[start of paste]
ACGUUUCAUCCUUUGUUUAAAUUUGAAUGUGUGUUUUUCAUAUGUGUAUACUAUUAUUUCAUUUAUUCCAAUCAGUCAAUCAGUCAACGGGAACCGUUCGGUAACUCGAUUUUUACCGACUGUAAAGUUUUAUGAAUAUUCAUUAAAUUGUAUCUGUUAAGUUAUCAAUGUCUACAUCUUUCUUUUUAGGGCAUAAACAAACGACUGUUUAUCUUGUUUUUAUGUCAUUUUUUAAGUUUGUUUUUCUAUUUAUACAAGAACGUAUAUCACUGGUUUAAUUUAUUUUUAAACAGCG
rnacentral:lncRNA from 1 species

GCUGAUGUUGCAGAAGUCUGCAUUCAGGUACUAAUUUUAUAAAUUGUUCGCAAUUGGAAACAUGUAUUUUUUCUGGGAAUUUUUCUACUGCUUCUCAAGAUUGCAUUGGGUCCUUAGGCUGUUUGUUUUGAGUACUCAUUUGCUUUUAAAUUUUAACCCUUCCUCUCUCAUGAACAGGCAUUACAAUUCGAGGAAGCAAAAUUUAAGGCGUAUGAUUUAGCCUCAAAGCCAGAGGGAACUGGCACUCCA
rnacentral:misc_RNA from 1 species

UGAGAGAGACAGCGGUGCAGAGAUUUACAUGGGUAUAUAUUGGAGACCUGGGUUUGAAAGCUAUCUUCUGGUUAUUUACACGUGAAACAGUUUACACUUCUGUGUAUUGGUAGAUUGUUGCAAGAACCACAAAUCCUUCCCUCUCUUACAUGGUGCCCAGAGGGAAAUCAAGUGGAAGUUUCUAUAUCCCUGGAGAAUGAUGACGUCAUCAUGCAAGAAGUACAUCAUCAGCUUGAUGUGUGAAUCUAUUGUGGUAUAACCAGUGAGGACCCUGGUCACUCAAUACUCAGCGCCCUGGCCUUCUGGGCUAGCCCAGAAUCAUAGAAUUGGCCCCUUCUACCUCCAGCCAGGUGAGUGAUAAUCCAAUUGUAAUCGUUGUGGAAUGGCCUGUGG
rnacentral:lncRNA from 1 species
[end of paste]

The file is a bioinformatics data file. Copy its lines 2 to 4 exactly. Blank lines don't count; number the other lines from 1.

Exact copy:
rnacentral:lncRNA from 1 species

GCUGAUGUUGCAGAAGUCUGCAUUCAGGUACUAAUUUUAUAAAUUGUUCGCAAUUGGAAACAUGUAUUUUUUCUGGGAAUUUUUCUACUGCUUCUCAAGAUUGCAUUGGGUCCUUAGGCUGUUUGUUUUGAGUACUCAUUUGCUUUUAAAUUUUAACCCUUCCUCUCUCAUGAACAGGCAUUACAAUUCGAGGAAGCAAAAUUUAAGGCGUAUGAUUUAGCCUCAAAGCCAGAGGGAACUGGCACUCCA
rnacentral:misc_RNA from 1 species